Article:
AP Biology Exam

Do you understand the differences between DNA and RNA? Can you rattle off the phases of meisosis? The AP® Biology exam tests topics and skills discussed in your high school Advanced Placement Biology course. If you score high enough, your AP Biology score could earn you college credit!

Check out our AP Biology Guide for what you need to know about the exam:

What’s on the AP Biology Exam?

The AP Biology exam is three hours long and consists of two sections: a multiple-choice/grid-in quantitative section and a free-response section.

AP Bio Section

Timing

Number of Questions

% of Exam Score

Multiple Choice

90 min

  • 63 multiple-choice, including:
    • Discrete questions
    • Questions in sets

  • 6 grid-in quantitative
50%

Free Response

90 min

  • 2 long-form free-response questions

  • 6 short-form free-response questions
50%

AP Biology Multiple Choice

The multiple choice-questions test your grasp of the fundamentals of biology and your ability to apply biological concepts to help solve problems. The grid-in quantitative questions require the integration of science and mathematical skills. They require using information presented in the question to calculate an answer and enter it in a grid. Answers can be in the form of integers, decimals, or fractions.

AP Biology Free Response Questions

The free response section consists of two long-form free-response questions, one of which is lab or data-based, and six short-form free-response questions that require a paragraph-length argument/response. You will have 80 minutes to answer all 8 questions and a 10-minute reading period, giving you a total amount of 90 minutes for this section. Unlike the multiple-choice section, which is scored by a computer, the free-response section is graded by high school and college teachers. They have guidelines for awarding partial credit, so you may still receive partial points should you not correctly respond to every part of question in your essay.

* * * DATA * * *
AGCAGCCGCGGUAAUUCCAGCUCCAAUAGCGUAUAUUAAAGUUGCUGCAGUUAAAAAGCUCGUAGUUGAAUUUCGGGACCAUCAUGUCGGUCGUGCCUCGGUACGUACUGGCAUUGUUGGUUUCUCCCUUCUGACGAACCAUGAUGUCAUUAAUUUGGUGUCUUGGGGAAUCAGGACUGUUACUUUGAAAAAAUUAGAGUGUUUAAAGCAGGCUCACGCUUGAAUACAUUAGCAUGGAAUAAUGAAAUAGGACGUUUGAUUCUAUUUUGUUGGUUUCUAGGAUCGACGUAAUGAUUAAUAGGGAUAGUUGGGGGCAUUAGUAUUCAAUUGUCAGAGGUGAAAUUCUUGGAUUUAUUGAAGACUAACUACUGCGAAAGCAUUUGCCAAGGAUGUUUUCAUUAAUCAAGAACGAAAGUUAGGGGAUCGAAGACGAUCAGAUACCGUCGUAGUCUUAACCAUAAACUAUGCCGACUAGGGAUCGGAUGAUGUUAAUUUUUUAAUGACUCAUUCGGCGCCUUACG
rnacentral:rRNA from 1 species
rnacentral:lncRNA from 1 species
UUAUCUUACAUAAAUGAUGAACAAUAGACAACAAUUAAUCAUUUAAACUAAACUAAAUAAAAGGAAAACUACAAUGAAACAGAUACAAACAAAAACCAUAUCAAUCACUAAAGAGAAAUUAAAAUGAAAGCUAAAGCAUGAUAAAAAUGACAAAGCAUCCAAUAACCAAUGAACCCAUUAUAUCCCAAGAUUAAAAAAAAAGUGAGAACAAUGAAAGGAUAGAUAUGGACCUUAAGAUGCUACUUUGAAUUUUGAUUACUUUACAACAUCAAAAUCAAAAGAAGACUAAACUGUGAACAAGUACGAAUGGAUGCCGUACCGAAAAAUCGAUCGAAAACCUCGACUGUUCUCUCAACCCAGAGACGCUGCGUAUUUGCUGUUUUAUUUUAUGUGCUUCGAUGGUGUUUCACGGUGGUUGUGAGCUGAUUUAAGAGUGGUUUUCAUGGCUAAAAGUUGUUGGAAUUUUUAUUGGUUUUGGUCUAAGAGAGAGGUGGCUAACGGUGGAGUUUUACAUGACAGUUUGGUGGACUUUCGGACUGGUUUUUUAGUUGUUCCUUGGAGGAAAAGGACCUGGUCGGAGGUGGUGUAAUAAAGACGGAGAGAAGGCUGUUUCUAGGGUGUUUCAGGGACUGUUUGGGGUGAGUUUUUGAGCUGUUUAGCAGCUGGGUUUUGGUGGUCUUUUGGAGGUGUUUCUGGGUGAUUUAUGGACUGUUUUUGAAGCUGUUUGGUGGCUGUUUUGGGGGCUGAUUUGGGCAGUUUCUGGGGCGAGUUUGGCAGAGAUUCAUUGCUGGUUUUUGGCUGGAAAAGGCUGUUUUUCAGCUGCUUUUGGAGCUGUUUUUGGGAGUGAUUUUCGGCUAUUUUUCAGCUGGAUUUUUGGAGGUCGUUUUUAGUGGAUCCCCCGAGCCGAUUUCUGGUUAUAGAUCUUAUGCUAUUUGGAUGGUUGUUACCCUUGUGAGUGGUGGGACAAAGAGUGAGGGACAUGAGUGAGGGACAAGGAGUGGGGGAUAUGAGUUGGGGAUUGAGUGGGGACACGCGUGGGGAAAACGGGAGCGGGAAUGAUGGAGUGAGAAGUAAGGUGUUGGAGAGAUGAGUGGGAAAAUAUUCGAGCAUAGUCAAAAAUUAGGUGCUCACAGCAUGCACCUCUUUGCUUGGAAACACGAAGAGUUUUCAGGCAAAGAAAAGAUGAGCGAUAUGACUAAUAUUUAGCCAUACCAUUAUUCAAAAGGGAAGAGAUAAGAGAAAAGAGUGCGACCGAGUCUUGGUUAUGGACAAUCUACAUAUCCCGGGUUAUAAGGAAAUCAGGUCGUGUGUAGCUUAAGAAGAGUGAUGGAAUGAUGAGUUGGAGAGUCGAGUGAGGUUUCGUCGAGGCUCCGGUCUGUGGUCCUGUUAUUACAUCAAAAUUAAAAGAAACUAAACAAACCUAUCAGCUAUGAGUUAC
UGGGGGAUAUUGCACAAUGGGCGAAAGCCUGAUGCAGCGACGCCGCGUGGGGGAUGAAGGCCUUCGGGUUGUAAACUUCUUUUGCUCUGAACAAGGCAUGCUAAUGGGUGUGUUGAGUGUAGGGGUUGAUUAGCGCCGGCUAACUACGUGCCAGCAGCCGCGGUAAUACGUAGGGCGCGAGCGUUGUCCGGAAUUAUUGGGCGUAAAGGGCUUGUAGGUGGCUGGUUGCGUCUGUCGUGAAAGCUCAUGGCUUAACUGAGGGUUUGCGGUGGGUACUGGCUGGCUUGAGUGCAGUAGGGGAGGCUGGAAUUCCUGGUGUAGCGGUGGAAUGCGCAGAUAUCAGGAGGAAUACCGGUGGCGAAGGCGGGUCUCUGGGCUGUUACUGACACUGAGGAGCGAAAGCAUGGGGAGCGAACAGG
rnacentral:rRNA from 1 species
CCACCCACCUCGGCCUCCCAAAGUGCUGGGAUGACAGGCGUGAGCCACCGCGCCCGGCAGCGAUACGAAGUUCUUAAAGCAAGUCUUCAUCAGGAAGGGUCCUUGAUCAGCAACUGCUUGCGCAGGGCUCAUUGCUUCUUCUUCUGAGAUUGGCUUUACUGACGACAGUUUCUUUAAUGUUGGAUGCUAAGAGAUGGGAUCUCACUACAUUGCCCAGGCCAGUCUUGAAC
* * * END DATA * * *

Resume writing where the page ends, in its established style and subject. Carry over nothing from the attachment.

Topics for AP Biology Review

The College Board is very detailed in what they require your AP teacher to cover in his or her AP Biology course. These are the official Big Four Ideas:

  • Big Idea 1: The process of evolution drives the diversity and unity of life.
  • Big Idea 2: Biological systems utilize free energy and molecular building blocks to grow, to reproduce, and to maintain dynamic homeostasis.
  • Big Idea 3: Living systems store, retrieve, transmit, and respond to information essential to life processes.
  • Big Idea 4: Biological systems interact, and these systems and their interactions possess complex properties.

To fully understand the four big ideas, a solid grasp of the following topics is required. These topics include the following:

  • Chemistry of Life: Important properties of water; pH; Carbohydrates; Proteins; Lipids; Nucleic acids; Origins of life
  • Cells: Prokaryotic and eukaryotic cells; Organelles; Membranes and transport; Cell junctions; Cell communication
  • Cellular Energetics: Change in free energy; Enzymes; Coupled reactions and ATP; Photosynthesis; Cellular respiration (glycolysis, Krebs, oxidative phosphorylation); Fermentation
  • Cell Reproduction: Cell cycle; Mitosis; Meiosis
  • Molecular Biology: DNA and genome structure; Transcription; Translation; Gene regulation; Mutation; Biotechnology
  • Heredity: Mendelian genetics; Inheritance patterns
  • Evolutionary Biology: Natural selection; Evidence of evolution; Phylogenetic trees; Impact of genetic variation; Speciation; Hardy-Weinberg equilibrium
  • Structure and Function of Living Things: Embryo development and body plan; Immune system; Viruses and bacteria; Nervous system; Endocrine system
  • Ecology: Behavior and communication; Food webs and energy pyramids; Succession; Communities and ecosystems; Global issues
  • Quantitative Skills: Types of data; Use of mathematical formulas; Descriptive statistics; Graphing; Hypothesis testing

Check out our Cracking the AP Biology Exam and ASAP Biology books for a comprehensive content review.

 Interpreting AP Biology Scores

AP scores are reported from 1 to 5. Colleges are generally looking for a 4 or 5 on the AP Biology exam, but some may grant credit for a 3. Learn more about AP credit policies. Each test is curved so scores vary from year to year. Here’s how AP biology students scored on the May 2017 test:

AP Bio Score

Meaning

2017 Percentage of Test Takers

5

Extremely qualified

6.4%

4

Well qualified

21%

3

Qualified

36.7%

2

Possibly qualified

27.5%

1

No recommendation

8.4%

Source: College Board

What's the Calculator Policy for the AP Biology Exam?

Students are allowed to use a basic four-function calculator (with square root), scientific, or graphing calculator throughout the entire AP Biology exam. Students will also be supplied with a formula list as part of their testing materials.

How can I prepare?

AP classes are great, but for many students they’re not enough! For a thorough review of AP Biology content and strategy, pick the AP prep option that works best for your goals and learning style.

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